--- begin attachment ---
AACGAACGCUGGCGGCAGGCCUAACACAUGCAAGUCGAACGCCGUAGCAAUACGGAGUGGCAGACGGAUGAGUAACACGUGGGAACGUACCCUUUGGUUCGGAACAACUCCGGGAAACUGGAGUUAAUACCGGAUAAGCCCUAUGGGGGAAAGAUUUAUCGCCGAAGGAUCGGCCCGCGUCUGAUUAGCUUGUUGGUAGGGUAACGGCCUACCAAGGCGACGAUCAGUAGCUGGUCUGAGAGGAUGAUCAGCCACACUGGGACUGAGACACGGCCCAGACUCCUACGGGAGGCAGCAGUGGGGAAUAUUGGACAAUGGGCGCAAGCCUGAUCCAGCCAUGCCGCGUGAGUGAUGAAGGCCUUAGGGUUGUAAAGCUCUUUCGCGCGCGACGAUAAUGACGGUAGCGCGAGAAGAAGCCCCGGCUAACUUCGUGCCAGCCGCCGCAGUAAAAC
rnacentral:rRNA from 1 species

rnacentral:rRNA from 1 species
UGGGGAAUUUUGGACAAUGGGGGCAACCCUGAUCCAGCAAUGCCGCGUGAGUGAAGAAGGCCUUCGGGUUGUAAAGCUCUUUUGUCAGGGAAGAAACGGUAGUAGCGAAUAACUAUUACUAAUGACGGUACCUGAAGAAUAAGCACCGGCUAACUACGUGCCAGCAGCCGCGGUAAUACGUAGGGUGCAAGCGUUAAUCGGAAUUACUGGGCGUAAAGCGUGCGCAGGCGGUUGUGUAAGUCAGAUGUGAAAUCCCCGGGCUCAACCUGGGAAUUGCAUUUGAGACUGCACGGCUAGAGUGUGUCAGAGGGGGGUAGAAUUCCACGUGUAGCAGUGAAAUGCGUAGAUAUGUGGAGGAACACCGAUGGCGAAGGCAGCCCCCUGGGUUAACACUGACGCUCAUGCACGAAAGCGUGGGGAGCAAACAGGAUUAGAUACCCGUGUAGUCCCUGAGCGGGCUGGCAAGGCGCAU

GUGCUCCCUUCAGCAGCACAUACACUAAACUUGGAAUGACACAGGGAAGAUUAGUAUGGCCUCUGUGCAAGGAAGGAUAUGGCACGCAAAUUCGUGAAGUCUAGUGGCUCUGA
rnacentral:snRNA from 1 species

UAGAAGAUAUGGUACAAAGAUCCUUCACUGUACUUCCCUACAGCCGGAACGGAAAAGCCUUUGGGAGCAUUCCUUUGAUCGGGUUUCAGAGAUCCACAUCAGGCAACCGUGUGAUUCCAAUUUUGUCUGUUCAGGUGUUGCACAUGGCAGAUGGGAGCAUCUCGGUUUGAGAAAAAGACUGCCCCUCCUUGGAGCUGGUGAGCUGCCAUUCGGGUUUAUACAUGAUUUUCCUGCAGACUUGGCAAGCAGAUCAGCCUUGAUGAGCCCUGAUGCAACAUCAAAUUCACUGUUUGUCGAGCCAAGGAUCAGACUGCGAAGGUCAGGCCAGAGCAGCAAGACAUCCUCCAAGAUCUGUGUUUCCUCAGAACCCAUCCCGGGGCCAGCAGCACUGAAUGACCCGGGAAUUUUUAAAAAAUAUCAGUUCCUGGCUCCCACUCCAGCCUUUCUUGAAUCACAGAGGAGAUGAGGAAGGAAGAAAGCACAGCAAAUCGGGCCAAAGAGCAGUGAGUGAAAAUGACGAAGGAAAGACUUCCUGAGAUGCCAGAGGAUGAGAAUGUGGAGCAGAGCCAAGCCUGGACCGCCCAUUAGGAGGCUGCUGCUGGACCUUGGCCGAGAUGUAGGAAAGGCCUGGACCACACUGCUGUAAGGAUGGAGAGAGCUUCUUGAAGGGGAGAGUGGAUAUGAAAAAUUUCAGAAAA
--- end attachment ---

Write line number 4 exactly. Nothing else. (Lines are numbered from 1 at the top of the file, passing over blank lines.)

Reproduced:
UGGGGAAUUUUGGACAAUGGGGGCAACCCUGAUCCAGCAAUGCCGCGUGAGUGAAGAAGGCCUUCGGGUUGUAAAGCUCUUUUGUCAGGGAAGAAACGGUAGUAGCGAAUAACUAUUACUAAUGACGGUACCUGAAGAAUAAGCACCGGCUAACUACGUGCCAGCAGCCGCGGUAAUACGUAGGGUGCAAGCGUUAAUCGGAAUUACUGGGCGUAAAGCGUGCGCAGGCGGUUGUGUAAGUCAGAUGUGAAAUCCCCGGGCUCAACCUGGGAAUUGCAUUUGAGACUGCACGGCUAGAGUGUGUCAGAGGGGGGUAGAAUUCCACGUGUAGCAGUGAAAUGCGUAGAUAUGUGGAGGAACACCGAUGGCGAAGGCAGCCCCCUGGGUUAACACUGACGCUCAUGCACGAAAGCGUGGGGAGCAAACAGGAUUAGAUACCCGUGUAGUCCCUGAGCGGGCUGGCAAGGCGCAU